It was around this time that Sonia’s father got cancer and she was sent – aged around eight –  to boarding school in Kylemore Abbey.
“I certainly hated boarding school. I was an extremely shy child and the nanny had kept me away from people. She was a Catholic from Dublin. But Kylemore was very good for me. It taught me deportment, elocution and French. People aren’t taught how to speak properly nowadays.”
Sonia spent two years at the internationally renowned north Connemara school before moving back to England due to her father’s illness.
“Then my mother died. My grandmother died. Everyone seemed to be dead. My aunts then became my guardians,” she says, with a characteristic drollness which disguises her innate sensitivity.
“After I left school I lived with my aunts for a while in Easkey and went working in a riding stable. From there I was conscripted into the army. So I was in the ATS, that’s the Auxiliary Territorial Army.”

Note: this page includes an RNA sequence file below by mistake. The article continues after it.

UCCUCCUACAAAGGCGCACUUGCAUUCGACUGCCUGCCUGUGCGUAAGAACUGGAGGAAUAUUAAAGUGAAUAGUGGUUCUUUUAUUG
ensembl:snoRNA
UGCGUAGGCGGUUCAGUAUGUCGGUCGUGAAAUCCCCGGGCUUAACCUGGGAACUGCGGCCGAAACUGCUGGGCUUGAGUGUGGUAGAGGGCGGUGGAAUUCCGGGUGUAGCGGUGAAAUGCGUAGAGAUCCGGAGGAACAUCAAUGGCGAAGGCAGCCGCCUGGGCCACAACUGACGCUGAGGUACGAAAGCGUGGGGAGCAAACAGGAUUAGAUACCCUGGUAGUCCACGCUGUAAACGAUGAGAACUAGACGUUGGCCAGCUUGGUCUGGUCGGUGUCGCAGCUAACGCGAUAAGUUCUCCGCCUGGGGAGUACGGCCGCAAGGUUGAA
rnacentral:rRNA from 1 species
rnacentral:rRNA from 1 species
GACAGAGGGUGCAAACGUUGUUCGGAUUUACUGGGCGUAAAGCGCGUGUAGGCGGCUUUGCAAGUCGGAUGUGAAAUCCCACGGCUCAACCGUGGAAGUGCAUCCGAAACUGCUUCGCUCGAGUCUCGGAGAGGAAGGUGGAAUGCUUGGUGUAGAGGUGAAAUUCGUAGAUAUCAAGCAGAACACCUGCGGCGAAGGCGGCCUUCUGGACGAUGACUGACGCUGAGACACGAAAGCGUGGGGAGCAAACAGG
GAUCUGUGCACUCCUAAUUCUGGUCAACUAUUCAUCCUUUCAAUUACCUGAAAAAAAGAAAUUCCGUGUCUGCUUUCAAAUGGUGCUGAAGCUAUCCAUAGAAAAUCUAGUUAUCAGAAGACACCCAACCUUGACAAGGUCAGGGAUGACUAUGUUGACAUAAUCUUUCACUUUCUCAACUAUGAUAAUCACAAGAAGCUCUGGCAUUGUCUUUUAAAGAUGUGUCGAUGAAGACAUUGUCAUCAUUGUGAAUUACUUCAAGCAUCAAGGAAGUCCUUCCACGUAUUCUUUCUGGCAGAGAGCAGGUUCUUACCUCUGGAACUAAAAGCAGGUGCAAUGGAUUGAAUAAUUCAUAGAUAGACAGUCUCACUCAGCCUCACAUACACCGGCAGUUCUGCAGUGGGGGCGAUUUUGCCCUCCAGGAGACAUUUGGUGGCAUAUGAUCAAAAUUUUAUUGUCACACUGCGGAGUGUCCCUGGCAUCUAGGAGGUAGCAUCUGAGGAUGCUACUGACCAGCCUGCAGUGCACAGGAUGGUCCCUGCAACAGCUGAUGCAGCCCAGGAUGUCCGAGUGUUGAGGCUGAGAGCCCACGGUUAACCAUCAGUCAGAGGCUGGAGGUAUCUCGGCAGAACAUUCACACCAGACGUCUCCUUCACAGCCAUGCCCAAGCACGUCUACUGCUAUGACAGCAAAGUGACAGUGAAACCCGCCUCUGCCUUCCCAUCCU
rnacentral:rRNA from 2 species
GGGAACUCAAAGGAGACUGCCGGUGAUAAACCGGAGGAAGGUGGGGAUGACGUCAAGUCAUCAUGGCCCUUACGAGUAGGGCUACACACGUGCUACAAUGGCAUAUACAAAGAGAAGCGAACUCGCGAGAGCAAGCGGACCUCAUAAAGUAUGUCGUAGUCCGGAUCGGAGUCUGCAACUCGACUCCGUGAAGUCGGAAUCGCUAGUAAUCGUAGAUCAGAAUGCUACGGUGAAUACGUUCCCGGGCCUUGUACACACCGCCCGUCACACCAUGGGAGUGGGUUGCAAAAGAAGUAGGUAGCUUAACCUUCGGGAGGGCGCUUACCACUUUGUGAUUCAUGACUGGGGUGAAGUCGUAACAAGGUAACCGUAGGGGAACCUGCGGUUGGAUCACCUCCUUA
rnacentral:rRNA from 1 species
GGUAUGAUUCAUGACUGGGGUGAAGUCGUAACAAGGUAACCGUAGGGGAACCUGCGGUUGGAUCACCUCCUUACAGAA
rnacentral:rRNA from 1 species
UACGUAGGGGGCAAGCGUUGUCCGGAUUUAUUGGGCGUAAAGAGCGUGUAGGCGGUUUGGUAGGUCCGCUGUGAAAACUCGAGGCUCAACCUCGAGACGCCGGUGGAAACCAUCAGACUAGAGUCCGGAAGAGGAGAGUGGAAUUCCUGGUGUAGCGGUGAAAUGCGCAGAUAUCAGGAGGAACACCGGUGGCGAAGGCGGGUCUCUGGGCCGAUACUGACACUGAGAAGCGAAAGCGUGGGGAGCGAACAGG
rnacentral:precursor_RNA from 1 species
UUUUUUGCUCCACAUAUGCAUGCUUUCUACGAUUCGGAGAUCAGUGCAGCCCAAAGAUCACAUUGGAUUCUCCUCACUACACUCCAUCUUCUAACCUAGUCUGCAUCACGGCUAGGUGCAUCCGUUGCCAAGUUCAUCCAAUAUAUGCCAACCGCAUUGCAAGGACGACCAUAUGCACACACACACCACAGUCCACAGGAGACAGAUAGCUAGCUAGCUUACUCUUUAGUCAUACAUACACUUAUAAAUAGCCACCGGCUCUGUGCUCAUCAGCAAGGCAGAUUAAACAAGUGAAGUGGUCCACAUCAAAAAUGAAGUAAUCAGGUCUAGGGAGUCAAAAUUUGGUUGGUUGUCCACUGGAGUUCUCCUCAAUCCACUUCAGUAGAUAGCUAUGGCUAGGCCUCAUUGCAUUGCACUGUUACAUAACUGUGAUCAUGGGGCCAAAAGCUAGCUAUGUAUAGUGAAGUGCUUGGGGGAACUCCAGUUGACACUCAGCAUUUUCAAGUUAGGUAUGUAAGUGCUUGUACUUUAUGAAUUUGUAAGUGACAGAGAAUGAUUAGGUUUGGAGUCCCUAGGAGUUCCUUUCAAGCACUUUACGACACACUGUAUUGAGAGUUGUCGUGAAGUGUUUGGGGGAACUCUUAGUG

I ask did she like the army.
“Oh! no how could one like the army. But I did learn to drive. I was maybe 17 or 18. So I deserted after a time. Actually, I had been coming to Dublin a good bit, because Michael [brother] was living there. He was colour-blind and rejected for the army. He actually then joined the Finnish volunteers to save it from Russia and was interned in Sweden.”
Fortunately, Sonia had moved to Ireland just before all leave was stopped.
Ironically though it was while in the army that her great love of reading and the seeds of her writing career were germinated. 
“When I was in the army, I was a driver and I was assigned to a colonel in Wales. But he was so scared of my driving, he never went out. So I spent a lot of time reading in a garage. In the end, I was sacked. Well I just read everything and of course it helped that there happened to be a convenient book shop across the road.”
However, deserting did not exactly go down very well with her extended family.
“This was really serious and my family all disowned me, they were all army. Of course, I was hopeless I had never got a stripe.”
After Sonia joined Michael in Dublin, she quickly got sick of the city and decided to get as far away from it as possible.